Whitby teacher given Impact Award for teaching students to take risks in learning


Published June 15, 2022 at 12:49 pm

A Grade 1 teacher at Whitby Shores Public School was honoured last week with an Impact Award, a distinction given to teachers for dedication and for their use of research-backed teaching methods in the classroom.

Elizabeth Burke, who was told by a teacher when she was in Grade 5 she would make a “horrible teacher,” was one of 19 from across Canada presented with the award, in addition to another nine who earned Special Distinction honours.

Christine Welsh from the Halifax Regional Centre of Education was named Teacher of the Year, earning her a $600 swag bag of classroom supplies and personal self-care gifts. Rachel Cha (Niagara Catholic District School Board) and Ashlee Hoogheim (Thames Valley District School Board) were named as finalists and six other teachers, including Jessica Brajkovic of the Hamilton-Wentworth Catholic District School Board, were honoured with Special Distinction awards.

A panel of Knowledge Translation Experts helped with the difficult task of identifying particular examples of outstanding work in the classroom. These leaders in the fields of math education and research review the work of teachers and highlight how the application of particular research methods shine through.

Burke, who followed a science path after the harsh assessment of her future when she was ten – “I can’t imagine ever telling someone they’d be a horrible teacher; that kind of derailed me becoming one” – earned degrees in forensics and biology and was working in a doctor’s office when she finally followed her childhood dream.

“My friends would say, ‘why aren’t you a teacher?’ So I figured it was a logical choice.”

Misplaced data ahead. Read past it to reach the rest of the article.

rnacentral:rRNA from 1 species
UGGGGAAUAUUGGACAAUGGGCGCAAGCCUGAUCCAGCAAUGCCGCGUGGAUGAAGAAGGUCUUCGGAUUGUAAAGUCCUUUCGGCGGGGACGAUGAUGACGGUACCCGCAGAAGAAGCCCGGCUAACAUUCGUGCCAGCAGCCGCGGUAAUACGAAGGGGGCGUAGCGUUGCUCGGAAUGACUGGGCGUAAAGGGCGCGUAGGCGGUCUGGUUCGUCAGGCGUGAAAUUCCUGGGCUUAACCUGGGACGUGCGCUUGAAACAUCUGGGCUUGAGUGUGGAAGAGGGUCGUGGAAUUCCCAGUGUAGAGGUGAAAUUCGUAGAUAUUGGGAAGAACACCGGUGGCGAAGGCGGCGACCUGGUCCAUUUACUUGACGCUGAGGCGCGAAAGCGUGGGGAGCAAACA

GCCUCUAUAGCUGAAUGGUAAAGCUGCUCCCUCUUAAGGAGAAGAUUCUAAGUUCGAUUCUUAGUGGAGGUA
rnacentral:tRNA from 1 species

Burke, who spent seven years at Glen Street Public School in Oshawa before coming to Whitby Shores, likes to start her lessons with an open question, such as ‘what doesn’t belong?’ to get her students thinking.

“I want to show my students that math is all around us. It’s fluid and interconnected.”

She also wants her young students to take risks in their learning habits, something she found missing in some of her six year-olds who had spent their entire pandemic educational career learning from home.

“I feel very proud of my students when they have that ‘aha!’ moment and take chances.”

MaryLou Kestell, a mathematics teaching and learning specialist and a member of the judging panel, said that was one of Burke’s teaching methods that stood out.

“Elizabeth initially found students seemed afraid to make mistakes but soon realized that learning results from making errors and their confidence began to build. As they take risks and experience success their growth mindset grows and they learn to say, ‘I don’t get that, YET.’ Elizabeth uses data from the program to be sure no one is left behind. “

Dr. Terry Vaughan III, another on the panel, agreed. “Elizabeth teaches her students a growth mindset to help her students to view math challenges as a rewarding experience. This teaching approach helps her create a learning environment that encourages students to take risks as they learn math.”

If you want to watch the video and hear Elizabeth Burke’s story go here


indurham's Editorial Standards and Policies advertising